Art History Lab

Masterpieces of Jesus: From the Oldest Painting to the Most Expensive

The world has seen numerous portrayals of Jesus Christ in art over many centuries. From the earliest depictions of Jesus to the more modern interpretations, the story of Jesus has inspired some of the world’s greatest artists.

We will explore some of the most famous paintings of Jesus and learn about the history, controversy and techniques behind the artwork that made it to the forefront of art history.

Oldest painting of Jesus

The earliest known painting of Jesus comes from a third-century tomb in the catacombs of St. Callixtus in Rome. This painting of Jesus is depicted as a young shepherd with a wand, surrounded by sheep.

This painting is an example of early Christianity, where Jesus was often represented as a shepherd or teacher. Depiction of Jesus’ Appearance

The appearance of Jesus Christ has been the subject of debate for centuries, and it has been widely interpreted differently across various cultures.

In Europe, Jesus was often depicted as a white man with long hair and a beard. But, during the Nazi’s reign, they created a version of Christ with blonde hair and blue eyes to spread their hateful ideology.

People of different cultures and regions have their own unique interpretations of Jesus, which represents the diversity and inclusivity of the religious figure.

Famous Paintings of Jesus

The Last Supper by Leonardo da Vinci

The Last Supper is one of da Vinci’s most famous works, painted between 1495-1498. This religious painting illustrates the final meal that Jesus had with his disciples before his arrest and eventual crucifixion.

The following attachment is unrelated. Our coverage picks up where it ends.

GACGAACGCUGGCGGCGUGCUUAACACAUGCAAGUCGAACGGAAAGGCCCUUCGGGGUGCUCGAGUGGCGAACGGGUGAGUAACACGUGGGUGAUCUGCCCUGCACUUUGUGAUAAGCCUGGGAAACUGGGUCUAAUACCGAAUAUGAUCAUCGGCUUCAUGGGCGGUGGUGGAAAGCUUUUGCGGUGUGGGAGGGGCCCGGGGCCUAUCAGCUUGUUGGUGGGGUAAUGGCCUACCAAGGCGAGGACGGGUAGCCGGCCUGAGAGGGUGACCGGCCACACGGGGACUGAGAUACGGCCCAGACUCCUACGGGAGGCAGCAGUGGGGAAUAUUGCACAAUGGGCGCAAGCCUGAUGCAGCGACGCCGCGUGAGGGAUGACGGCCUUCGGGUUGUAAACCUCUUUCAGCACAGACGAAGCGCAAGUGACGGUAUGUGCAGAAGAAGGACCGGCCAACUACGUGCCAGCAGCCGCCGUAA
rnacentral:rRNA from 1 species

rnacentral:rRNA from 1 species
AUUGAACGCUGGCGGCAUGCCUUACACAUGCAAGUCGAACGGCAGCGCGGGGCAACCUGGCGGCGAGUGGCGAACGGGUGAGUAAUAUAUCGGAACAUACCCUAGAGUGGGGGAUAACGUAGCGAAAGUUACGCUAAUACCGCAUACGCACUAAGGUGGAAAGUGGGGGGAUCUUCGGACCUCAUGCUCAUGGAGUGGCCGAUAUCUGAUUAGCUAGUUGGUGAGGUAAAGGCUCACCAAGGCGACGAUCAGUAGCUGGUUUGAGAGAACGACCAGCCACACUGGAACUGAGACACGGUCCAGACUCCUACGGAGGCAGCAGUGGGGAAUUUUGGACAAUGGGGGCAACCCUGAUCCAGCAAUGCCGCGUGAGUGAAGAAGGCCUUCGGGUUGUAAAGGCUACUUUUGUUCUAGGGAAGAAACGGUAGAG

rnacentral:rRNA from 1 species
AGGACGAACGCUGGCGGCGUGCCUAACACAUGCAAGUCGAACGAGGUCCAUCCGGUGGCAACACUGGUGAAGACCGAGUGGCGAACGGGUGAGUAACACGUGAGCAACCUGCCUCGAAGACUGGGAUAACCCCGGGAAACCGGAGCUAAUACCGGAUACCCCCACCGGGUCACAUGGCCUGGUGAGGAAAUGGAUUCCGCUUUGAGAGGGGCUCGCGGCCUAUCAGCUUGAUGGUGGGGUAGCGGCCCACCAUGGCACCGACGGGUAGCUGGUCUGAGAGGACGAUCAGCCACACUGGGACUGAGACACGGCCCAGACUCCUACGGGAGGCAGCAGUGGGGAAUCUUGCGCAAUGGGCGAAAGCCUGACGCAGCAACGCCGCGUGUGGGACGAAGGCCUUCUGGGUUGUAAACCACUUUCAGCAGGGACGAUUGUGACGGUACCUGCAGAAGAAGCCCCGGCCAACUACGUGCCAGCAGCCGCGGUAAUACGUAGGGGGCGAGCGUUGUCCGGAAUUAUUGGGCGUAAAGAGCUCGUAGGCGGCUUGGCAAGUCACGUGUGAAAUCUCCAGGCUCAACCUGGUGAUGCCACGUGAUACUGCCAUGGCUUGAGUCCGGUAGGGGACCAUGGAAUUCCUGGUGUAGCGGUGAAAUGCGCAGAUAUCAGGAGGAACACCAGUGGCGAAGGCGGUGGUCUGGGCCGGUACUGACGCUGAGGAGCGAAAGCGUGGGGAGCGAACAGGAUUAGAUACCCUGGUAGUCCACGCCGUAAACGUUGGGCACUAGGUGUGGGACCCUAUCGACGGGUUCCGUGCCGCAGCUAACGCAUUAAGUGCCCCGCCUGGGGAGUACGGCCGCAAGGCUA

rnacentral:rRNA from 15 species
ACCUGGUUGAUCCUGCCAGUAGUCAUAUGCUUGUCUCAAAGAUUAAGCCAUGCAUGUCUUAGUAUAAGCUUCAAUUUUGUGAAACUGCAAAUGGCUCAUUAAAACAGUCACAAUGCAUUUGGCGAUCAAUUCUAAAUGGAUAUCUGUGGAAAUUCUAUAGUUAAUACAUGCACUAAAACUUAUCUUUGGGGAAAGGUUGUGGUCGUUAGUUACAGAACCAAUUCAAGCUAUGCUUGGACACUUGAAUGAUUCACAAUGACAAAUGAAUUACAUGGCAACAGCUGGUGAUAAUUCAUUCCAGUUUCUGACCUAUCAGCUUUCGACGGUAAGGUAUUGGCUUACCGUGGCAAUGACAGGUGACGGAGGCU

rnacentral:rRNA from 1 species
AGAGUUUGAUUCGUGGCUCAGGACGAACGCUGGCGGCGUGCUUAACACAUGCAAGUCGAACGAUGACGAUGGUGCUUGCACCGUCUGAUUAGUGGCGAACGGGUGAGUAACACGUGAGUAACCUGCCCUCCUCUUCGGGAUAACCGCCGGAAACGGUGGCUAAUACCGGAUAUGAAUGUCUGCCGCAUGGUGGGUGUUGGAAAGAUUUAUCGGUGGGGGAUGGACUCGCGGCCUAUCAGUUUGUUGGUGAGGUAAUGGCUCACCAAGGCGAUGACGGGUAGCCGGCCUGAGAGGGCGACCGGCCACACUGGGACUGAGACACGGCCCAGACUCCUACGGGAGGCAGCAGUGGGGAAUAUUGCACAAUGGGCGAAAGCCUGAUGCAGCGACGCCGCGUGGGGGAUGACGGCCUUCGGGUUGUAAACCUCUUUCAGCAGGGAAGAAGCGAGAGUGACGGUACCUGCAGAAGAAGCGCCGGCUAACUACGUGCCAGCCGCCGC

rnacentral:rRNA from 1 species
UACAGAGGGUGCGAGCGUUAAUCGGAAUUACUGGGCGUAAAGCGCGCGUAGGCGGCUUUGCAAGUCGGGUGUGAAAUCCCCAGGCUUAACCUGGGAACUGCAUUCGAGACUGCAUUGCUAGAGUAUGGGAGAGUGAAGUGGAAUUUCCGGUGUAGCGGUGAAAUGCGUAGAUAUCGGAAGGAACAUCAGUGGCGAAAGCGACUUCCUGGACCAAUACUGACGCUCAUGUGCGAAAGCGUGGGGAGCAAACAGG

The painting has been restored many times, and controversy surrounding damage caused by over-cleaning and inappropriate restoration techniques have ensued in preserving this masterpiece.

Salvator Mundi by Leonardo da Vinci

Salvator Mundi portrays Jesus Christ holding an orb with his right hand, representing the world he had created. The painting is said to have been painted by da Vinci in between 1506 – 1513, but it was lost for centuries until it was discovered in 2005 and then authenticated in 2011.

This artwork exemplifies da Vinci’s artistic genius with its masterful technique and attention to detail.

The Transfiguration by Raphael

This painting was commissioned by Cardinal Giulio de Medici in 1518, five years before Raphael’s death. It portrays Jesus along with Moses and Elijah in heavenly radiance, the centerpiece of two overlapping Peter, James, and John’s stories.

This masterpiece beautifully portrays the spiritual transformation of Jesus and has stood the test of time.

The Last Judgment by Michelangelo